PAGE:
The story, which includes many barn quilts across Iowa, began in 1989 when Groves’ family bought a farm in Adams County, Ohio, near the Ohio River Valley at the foothills of the Appalachian Mountains. Groves made a casual remark to her mother, Nina Maxine Groves, about an uninspiring, time-worn tobacco barn on the farm.

“It was the ugliest barn I’d ever seen,” Groves said in “Pieced Together.” “I joked to my mother, ‘I’ll paint you a quilt square on it someday.’”

Game inspires a lifelong love of barns
Groves’ interest in barns dates back to her childhood. When her family would visit Groves’ grandmother in Roane County, West Virginia, Groves’ mother invented a car game to keep Groves and her brother quiet.

“You couldn’t play the typical license plate game when you’re traveling the back roads of West Virginia, because all you saw were West Virginia license plates,” Groves said. “Mother created a car game where we counted barns.”

Some barns were worth two points, while others were worth three points. If a barn had outdoor advertising, like “Chew Mail Pouch” or “RC Cola,” players got a 10-point bonus if they could read the lettering. Red barns also earned higher points. The chance to earn even more points awaited when the family’s wider travels took them past Pennsylvania Dutch barns with colorful, geometric hex signs.

The game led to discussions and questions about the barns, such as who built the barns, and for what purpose. Groves enjoyed these conversational teaching moments. “I looked forward to seeing barns,” she said.

Sac County Iowa barn quilt

Sac County Iowa barn quilt

Creating a clothesline of quilts across America
This history eventually inspired Groves’ involvement with the first barn quilt square, an Ohio Star pattern, which was created in October 2001 and displayed in Adams County, Ohio. This small gesture triggered a ripple effect across North America.

“If we didn’t pick up on this idea, someone else would,” said Groves’ mother, Maxine, who was featured in “Pieced Together.”

As more people wanted to create barn quilts, Groves and her fellow volunteers quickly learned that painting barn quilts directly onto barns didn’t work too well, but painted plywood squares offered a much better option.

Why stop with just a few barn quilts, though? “A trail of barn quilts could bring tourists here to see all the wonderful things Adams County offers,” noted Groves, who has served as a field representative for the Ohio Arts Council. “Then they’d stay in our bed-and-breakfasts and motels and eat at our restaurants.”

These opportunities for economic development, combined with the visual appeal of barn quilts, soon inspired a “clothesline of quilts” across America. Residents of an adjoining county, Brown County, Ohio, loved Groves’ idea and asked how to get involved. Folks in Tennessee read an article about the Ohio barn quilt project, called Groves and wanted to know how to do a similar project in their area. Grundy County, Iowa, also got involved in 2003, followed by Sac County.

When Sue Peyton and her family from rural Sac City heard about barn quilts, it seemed like a good fit for her son, Kevin, who was in high school and looking for a project he could use as a 4-H leadership project and a Herbert Hoover Uncommon Student Award project.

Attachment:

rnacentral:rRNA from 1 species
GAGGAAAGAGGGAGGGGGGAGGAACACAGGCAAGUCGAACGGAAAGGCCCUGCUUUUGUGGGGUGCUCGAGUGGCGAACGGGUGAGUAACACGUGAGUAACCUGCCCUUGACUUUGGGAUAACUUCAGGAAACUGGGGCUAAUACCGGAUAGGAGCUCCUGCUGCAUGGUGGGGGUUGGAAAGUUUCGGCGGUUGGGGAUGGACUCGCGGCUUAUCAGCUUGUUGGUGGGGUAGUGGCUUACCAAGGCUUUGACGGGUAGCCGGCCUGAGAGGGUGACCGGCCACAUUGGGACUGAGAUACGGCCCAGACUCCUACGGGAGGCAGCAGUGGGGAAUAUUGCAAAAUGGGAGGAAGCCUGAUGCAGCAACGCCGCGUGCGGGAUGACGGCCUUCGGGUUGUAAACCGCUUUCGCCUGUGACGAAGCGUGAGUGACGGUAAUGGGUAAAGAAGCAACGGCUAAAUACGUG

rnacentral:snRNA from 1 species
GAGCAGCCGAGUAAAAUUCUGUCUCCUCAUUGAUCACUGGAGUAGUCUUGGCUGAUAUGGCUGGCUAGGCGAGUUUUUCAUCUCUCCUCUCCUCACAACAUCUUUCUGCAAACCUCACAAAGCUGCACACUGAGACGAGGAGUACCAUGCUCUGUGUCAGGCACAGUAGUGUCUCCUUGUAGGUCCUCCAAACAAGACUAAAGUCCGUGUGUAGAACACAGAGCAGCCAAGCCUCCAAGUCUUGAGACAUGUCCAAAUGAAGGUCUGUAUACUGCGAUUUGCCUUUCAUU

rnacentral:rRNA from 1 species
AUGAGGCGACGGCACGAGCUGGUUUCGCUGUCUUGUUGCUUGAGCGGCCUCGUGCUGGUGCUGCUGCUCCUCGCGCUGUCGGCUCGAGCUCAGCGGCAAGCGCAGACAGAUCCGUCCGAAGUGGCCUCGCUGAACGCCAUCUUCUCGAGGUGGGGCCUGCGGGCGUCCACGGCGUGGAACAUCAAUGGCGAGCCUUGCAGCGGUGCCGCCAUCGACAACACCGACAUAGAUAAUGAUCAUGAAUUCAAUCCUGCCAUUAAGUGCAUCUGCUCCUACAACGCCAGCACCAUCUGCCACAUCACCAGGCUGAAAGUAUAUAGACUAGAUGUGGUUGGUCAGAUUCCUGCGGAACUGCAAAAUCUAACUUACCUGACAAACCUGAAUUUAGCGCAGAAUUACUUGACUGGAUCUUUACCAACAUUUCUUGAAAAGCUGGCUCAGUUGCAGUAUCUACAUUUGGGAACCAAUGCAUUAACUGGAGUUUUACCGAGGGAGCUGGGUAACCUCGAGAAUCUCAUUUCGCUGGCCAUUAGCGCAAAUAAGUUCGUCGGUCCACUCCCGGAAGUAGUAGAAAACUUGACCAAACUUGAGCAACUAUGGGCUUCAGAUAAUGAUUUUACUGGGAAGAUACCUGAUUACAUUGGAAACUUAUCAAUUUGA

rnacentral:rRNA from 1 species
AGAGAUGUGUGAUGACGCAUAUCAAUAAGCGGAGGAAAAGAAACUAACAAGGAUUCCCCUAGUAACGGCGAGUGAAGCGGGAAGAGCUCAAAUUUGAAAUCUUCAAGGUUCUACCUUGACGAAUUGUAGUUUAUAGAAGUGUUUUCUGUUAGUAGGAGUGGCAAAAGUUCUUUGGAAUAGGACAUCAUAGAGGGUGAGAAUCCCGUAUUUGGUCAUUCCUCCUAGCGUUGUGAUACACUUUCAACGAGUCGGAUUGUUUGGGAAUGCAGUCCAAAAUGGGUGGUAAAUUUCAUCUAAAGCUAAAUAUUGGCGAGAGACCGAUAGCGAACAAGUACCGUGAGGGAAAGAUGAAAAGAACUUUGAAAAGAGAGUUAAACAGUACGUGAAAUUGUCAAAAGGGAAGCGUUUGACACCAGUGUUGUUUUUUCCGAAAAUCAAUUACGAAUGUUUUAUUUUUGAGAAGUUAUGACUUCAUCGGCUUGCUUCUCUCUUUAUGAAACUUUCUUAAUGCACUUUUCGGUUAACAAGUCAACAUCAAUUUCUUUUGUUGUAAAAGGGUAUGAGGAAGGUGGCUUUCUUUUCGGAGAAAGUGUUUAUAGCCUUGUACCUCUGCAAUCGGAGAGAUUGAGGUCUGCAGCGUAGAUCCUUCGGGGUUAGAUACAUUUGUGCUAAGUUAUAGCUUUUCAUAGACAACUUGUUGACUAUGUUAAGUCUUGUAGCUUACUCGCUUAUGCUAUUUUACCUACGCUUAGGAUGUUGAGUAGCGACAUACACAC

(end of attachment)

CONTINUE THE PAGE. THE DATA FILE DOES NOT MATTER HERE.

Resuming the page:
“I immediately fell in love with the project when I heard about it,” Sue Peyton said. “Barns and barn quilts are such a natural fit.”

The Peytons coordinated the construction and painting of Sac County’s first barn quilts in the summer of 2005. While some people weren’t quite sure what to make of the new barn quilts that started appearing on barns and corncribs around the county, the concept caught on quickly. “We hoped to get 20 barn quilts,” said Sue Peyton, who added that Sac County boasted 55 barn quilts within two years of the start of the project.

“I’ve seen a lot of quilt trails, and you embraced this early on and have done a tremendous job,” said Donofrio as she chatted with audience members in Sac City following her documentary.

Sac County barn quilt proponents Kevin Peyton and his mother, Sue, (center) welcomed filmmaker Julianne Donofrio, who showed her 53-minute documentary “Pieced Together” in Sac City to a full house at the First Christian Church in September 2018.

“We’re here to stay”
Anywhere there’s a barn quilt trail, every square tells a story. Also, there’s no right or wrong way to create a barn quilt. “Barn quilts have a storied history as complex and diverse as the quilt patterns themselves,” Kevin Peyton said.

Consider the Double Aster barn quilt pattern on the Hogue family’s 1943 barn north of Odebolt. The pastel-colored design complements the family’s Prairie Pedlar Gardens business. Owner Jane Hogue, who served on the original Sac County Barn Quilt Committee, enjoyed watching the “Pieced Together” documentary.

“It was fun to see the snippets of Sac County’s barn quilts in the film,” she said. “We’re proud to be part of Sac County’s barn quilt project. With our gardens and tourism, it’s a win-win.”

Sac County proves that barn quilts offer an effective way to help save barns, promote rural tourism and boost economic development, Sue Peyton added. She cited the vintage barn at the Rustic River Winery and Vineyard north of Lake View, for example. It has been remodeled not only into a winery, but a venue where people can host parties and other gatherings.

As the history of the barn quilt phenomenon is preserved through projects like “Pieced Together,” barn quilts are being praised as one of the greatest community art projects ever created. While there are barn quilt trails in 42 states, there is no national barn quilt organization, by design. Creating barn quilts at the local allows local people to make their mark, share their history and establish a legacy. “It’s so adaptable—that’s the beauty of it,” Groves said.